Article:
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My Life As A Voice : The Road to Show Biz Through your Golden Pipes

June 18, 1995|Margo Kaufman is a contributing editor to the magazine and the author of "1-800-Am-I-Nuts?" Her last piece for the magazine was a humorous look at the beauty industry

If you live in Los Angeles, even if you've never had the slightest desire to be in show business, sooner or later, The Industry is going to get you.

"You really should be doing voice-overs," said Jack Naimo, a sound engineer at KABC Talkradio Inc., where I am a weekly guest on the "Ken and Barkley Show."

I've been told that my voice is quirky--it has been described as a cross between Judy Holliday and Carol Kane--but I wouldn't in a million years have classified it as an asset. "You could make a fortune," Naimo insisted.

At first I ignored him. But after hearing the same suggestion from other people who weren't my mother, I became intrigued. A former network news anchor suggested that I contact Dave Sebastian Williams, a veteran of hundreds of commercials who runs a voice-over workshop in North Hollywood. I was initially leery because his resume included the sentence "Dave is a nationally syndicated Game and Variety Show announcer," which isn't what I usually look for in a mentor. But resumes in the voice-over industry run to the strange. In the course of researching this story, I heard actors say, "Hi, I'm Jumpy the Squirrel" or "Stinky the Mushroom" with the same smug inflection with which one might say, "Hi, I'm President of the United States." (Then again, they probably got paid more.)

"You have the right instrument," Williams told me when I drove to his home for a private session. "The question is, can you learn to play it?"

He'd converted a giant walk-in closet in his living room into a soundproof booth. I was wondering how he'd persuaded his wife to make this particular home improvement when he handed me the copy for a 30-second radio commercial for an Acura Integra and told me to study it. "What's your attitude?" Williams asked, and I looked blank. I have never wanted to be an actress. I wasn't even in my school play. Williams helpfully handed me a paper with 46 different attitudes to choose from. Let's see: Should I be "sinister"? "magical"? "motherly"? "overly aristocratic"? "gangsterish"?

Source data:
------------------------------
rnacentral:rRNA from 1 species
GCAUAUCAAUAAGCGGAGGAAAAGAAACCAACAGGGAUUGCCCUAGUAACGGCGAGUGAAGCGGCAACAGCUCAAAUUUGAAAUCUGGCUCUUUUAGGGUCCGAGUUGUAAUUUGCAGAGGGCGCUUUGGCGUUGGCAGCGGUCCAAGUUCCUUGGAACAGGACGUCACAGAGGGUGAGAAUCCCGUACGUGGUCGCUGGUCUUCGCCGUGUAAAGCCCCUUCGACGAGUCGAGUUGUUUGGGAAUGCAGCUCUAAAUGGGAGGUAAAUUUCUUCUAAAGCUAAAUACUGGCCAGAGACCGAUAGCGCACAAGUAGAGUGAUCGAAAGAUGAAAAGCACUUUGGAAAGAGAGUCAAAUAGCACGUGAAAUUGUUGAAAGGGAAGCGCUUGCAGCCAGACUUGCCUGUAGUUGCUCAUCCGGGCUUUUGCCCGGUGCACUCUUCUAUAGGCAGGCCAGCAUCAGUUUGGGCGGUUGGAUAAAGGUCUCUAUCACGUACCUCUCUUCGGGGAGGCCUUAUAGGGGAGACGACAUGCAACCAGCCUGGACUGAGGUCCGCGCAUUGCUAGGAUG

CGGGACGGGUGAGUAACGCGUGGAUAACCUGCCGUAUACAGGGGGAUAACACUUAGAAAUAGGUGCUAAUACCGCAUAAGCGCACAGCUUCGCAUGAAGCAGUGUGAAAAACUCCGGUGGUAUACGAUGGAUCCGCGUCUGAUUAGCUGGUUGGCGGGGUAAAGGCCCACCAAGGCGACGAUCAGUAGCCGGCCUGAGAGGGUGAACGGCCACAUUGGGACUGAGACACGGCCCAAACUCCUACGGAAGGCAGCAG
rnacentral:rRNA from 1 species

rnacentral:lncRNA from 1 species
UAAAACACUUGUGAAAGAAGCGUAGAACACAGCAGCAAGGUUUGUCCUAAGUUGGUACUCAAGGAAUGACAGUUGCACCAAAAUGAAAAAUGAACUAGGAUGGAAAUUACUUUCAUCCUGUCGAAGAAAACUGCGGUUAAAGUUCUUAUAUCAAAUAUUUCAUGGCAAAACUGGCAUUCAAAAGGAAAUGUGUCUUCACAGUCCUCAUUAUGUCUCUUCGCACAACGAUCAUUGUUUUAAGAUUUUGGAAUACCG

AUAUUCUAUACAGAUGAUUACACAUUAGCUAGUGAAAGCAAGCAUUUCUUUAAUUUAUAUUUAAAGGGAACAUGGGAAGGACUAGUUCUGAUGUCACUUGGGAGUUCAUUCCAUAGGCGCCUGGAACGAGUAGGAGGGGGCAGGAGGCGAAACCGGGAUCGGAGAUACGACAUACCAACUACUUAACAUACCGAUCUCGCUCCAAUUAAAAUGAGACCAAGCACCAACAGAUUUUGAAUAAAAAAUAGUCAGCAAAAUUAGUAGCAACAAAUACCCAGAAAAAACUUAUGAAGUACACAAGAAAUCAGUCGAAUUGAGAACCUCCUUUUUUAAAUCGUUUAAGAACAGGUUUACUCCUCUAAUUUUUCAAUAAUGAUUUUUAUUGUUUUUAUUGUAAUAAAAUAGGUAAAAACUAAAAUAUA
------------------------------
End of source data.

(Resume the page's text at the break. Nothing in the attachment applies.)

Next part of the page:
I settled on "amused."

He sent me into the soundproof booth and told me to "slate," which meant that I had to say, "This is Margo Kaufman" and sound really thrilled about it. Then he said, "Give me a level," and instructed me to read a portion of the copy and to put a lot of energy into that too.

"With everything from 170 horsepower v-tec engine to driver and front passenger air bags," I gushed.

"Try to sound more caring when you get to the part about the air bag," Williams interrupted. He had me read a few spots a few different ways, making suggestions such as "more tongue in cheek," "just between us," and "less cartoony." It was a challenge to say "great taste, half the fat," and sound truly sincere, but I've got to admit, it was far more fun than sitting alone in front of a computer writing.

But breaking into the industry is a lengthy and costly process. Typically, an aspiring voice takes a few rounds of workshops in either commercial or animation voice-over technique: average price, $350 for a series of six sessions. (There are dozens of workshops in town; unfortunately for me, most are held near the recording studios in North Hollywood or Burbank, between 7 to 10 at night. I live in Venice. God could be teaching and I still wouldn't get on the freeway at rush hour.) The next step is a 2 1/2-minute demo tape, the calling card of the industry, which consists of a bunch of commercial spots and costs as much as $3,000, not including copies, mailing or labels. Then you try to find an agent and then, hopefully, you find work.

"Like anything else in the acting industry, only 5% make a living," Williams warned me.

So far, I haven't quit my day job. But I took a crash course in the voice-over industry. Lesson One: Doing voice-overs has replaced writing a screenplay as the official Los Angeles get-rich-quick scheme. "I get calls from cousins, people in department stores, insurance salesmen, even the guy who sold me my car," said Jeff Danis, head of the voice-over department at the International Creative Management agency. He estimates that he gets about 75 tapes a week. "Over the course of the past decade, I think I've found 10 people."

One reason for the rising interest is that the big, booming voices that dominated the airwaves in the past are out of vogue. "Every day people are hearing voices on the radio that sound like them and they say, 'I can do that,' " said Cindy Akers, a director and producer of commercials. "I'm getting a lot of people with no acting experience, and I'm not saying they're going to make it, but I'm not sure they would have known 10 years ago what voice-over was. Just because they sound like an every-day person doesn't mean they're going to do well."

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